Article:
Tornadoes possible in South as major storm moves toward Midwest, Northeast

PHOTO: A Muscle Shoals police vehicle pushes through flood waters that cover Melissa Drive in Nathan Estates helping those who need to be evacuated, Friday, Feb. 22, 2019, in Muscle Shoals, Ala. PlayAP
WATCH More than 140 million Americans subject to dangerous weather alerts this weekend

Nearly 140 million Americans from the Rockies to the Northeast are under alert for dangerous weather this weekend due to a powerful storm taking shape in the central U.S. on Saturday.

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Dangers include a severe weather outbreak and flash flood threat across the South; near blizzard conditions from the Plains to the Upper Midwest; and strong, damaging winds from Texas to the Northeast.

The complex system brought 3 to 4 feet of snow in Arizona and over 7 inches of rain in Alabama. As of early Saturday morning, Nashville, Tennessee, had recorded 11.5 inches of rain, making it the second-wettest February on record.

PHOTO: At least 140 million Americans are under alert over the weekend. ABC News
At least 140 million Americans are under alert over the weekend.

The storm system was bringing snow across the High Plains in New Mexico and Colorado on Saturday morning, as well as snow across parts of the Upper Midwest. High resolution forecast models are showing that locally 2 to 4 inches of rain could fall across parts of Tennessee and Mississippi during the morning hours of Saturday.

The storm will intensify and organize Saturday as it quickly slides off to the east. While blizzard conditions will spread across the Plains and into parts of the Midwest, the greatest concern will be a developing severe weather outbreak in the South. Models show supercells developing sometime during the early afternoon hours across the Mississippi River Valley.

Those supercells will head east, likely becoming quite intense during the early evening hours as they move into parts of northern Mississippi, Alabama and Tennessee.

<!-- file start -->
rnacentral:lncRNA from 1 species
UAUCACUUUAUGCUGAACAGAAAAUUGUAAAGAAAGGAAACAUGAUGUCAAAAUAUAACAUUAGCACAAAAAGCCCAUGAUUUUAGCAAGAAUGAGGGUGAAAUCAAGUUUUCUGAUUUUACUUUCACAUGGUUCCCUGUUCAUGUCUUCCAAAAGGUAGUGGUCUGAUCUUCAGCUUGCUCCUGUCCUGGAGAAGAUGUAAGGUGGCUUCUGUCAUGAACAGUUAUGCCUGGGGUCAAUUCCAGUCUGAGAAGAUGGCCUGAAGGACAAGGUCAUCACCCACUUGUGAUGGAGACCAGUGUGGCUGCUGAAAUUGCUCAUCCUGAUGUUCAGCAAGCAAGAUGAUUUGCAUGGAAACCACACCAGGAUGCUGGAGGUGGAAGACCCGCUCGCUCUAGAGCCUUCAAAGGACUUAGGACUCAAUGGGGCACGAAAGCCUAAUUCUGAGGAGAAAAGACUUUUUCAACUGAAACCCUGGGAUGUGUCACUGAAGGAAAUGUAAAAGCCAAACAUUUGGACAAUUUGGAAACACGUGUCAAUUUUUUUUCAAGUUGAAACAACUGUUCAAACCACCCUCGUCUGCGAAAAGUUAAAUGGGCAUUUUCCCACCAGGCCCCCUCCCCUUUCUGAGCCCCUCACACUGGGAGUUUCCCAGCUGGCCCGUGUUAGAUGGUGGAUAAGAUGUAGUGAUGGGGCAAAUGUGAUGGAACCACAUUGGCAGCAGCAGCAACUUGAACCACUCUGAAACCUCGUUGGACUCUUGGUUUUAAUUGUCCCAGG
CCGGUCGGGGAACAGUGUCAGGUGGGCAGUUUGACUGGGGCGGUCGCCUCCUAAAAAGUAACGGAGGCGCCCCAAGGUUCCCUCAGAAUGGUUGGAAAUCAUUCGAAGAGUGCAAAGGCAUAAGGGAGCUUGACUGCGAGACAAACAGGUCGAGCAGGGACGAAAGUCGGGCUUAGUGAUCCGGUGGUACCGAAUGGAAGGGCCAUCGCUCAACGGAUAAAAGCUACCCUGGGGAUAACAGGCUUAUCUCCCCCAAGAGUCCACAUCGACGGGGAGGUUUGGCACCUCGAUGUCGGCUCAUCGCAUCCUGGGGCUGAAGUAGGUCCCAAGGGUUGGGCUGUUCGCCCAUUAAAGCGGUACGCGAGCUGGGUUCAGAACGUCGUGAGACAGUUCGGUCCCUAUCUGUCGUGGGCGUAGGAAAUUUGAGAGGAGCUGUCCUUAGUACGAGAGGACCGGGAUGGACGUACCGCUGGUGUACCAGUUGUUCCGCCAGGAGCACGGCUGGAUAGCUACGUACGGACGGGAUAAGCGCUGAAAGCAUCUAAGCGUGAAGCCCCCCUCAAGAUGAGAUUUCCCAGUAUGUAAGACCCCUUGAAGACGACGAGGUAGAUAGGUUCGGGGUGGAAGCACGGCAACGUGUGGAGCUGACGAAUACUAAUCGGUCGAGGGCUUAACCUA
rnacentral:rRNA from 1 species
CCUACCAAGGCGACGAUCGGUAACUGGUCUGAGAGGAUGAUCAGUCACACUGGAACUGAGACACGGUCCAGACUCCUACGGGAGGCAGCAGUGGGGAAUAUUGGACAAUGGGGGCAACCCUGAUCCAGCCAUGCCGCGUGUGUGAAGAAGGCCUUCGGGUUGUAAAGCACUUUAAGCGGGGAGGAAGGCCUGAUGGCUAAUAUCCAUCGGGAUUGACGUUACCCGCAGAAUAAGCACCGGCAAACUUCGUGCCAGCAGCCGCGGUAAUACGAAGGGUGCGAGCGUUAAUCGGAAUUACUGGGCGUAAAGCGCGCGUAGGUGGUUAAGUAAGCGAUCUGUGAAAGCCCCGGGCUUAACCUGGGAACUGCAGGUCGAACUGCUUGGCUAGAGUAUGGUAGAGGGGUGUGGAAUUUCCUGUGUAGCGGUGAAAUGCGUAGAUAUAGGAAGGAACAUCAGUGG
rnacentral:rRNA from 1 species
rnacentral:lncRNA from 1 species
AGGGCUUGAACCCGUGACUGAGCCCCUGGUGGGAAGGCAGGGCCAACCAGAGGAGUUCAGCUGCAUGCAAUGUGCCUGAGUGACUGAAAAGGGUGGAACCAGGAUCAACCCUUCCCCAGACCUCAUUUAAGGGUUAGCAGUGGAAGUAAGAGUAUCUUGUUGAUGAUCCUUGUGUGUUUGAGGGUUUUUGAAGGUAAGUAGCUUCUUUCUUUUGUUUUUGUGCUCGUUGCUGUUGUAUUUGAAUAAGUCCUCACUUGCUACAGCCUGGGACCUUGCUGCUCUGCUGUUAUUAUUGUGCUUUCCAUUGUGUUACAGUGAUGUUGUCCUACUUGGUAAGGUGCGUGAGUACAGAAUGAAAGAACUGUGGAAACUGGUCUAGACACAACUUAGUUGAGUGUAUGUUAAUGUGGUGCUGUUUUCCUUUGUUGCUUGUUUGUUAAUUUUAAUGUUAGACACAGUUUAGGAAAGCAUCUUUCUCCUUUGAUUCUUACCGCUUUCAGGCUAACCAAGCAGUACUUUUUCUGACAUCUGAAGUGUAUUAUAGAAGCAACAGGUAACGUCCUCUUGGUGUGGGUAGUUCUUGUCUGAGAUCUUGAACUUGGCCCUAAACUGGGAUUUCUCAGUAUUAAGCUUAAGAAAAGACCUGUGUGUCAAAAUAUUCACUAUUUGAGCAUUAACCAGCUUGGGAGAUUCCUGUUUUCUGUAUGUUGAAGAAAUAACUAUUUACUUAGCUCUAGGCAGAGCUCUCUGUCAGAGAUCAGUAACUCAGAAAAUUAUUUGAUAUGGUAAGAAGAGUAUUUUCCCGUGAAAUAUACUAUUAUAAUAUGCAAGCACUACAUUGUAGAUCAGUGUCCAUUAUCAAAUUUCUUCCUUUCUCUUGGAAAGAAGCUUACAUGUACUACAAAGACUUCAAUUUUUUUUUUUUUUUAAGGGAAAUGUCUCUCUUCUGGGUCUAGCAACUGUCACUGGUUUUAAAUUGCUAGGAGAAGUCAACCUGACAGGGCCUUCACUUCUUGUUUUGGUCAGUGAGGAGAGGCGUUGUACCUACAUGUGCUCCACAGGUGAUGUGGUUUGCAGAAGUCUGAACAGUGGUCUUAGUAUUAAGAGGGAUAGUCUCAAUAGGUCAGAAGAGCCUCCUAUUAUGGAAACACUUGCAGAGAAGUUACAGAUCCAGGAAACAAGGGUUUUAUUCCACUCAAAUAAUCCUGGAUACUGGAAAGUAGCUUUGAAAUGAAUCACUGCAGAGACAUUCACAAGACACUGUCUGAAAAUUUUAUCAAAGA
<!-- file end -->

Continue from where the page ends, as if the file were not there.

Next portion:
PHOTO: Severe storms are possible in the South, while snow will fall in the Upper Midwest on Saturday evening. ABC News
Severe storms are possible in the South, while snow will fall in the Upper Midwest on Saturday evening.

There is a moderate risk for severe weather across northern Mississippi, southern Tennessee and western Alabama. In the moderate risk region there is the potential for dangerous tornadoes. Additionally, strong damaging winds will be likely across the entire region from Louisiana to Kentucky. Widespread wind damage is likely in this region.

This region has already seen a very wet week and additional rainfall will exacerbate flooding in the region. Flash flooding and river flooding is likely across parts of the southern U.S. through the weekend.

PHOTO: Strong tornadoes are possible in northern Mississippi and western Tennessee on Saturday. ABC News
Strong tornadoes are possible in northern Mississippi and western Tennessee on Saturday.

The storm will move into the Great Lakes and Northeast on Sunday with heavy rain heading for the Interstate 95 corridor, with some mixing for interior New England and some snow across Michigan and Wisconsin.

However, as the storm rapidly intensifies, powerful winds will slide in behind it and spread across the Midwest and into parts of the Northeast. Wind gusts of 45 to 60 mph are possible on Sunday for a large part of the region. These wind gusts will be strong enough to cause power outages and down trees. These high winds will spread into the Northeast on Sunday evening.

PHOTO: Snow is possible in the Upper Midwest through Sunday morning and the Northeast will see heavy rain. ABC News
Snow is possible in the Upper Midwest through Sunday morning and the Northeast will see heavy rain.

By Sunday night, the storm will have dumped locally 4 to 6 inches of rain across parts of the South and locally over 6 inches of snow across parts of the Midwest.

PHOTO: Over 6 inches of snow is possible in parts of the Plains, while northern Mississippi, Tennessee and southeast Kentucky could see 2 to 4 inches of rain. ABC News
Over 6 inches of snow is possible in parts of the Plains, while northern Mississippi, Tennessee and southeast Kentucky could see 2 to 4 inches of rain.
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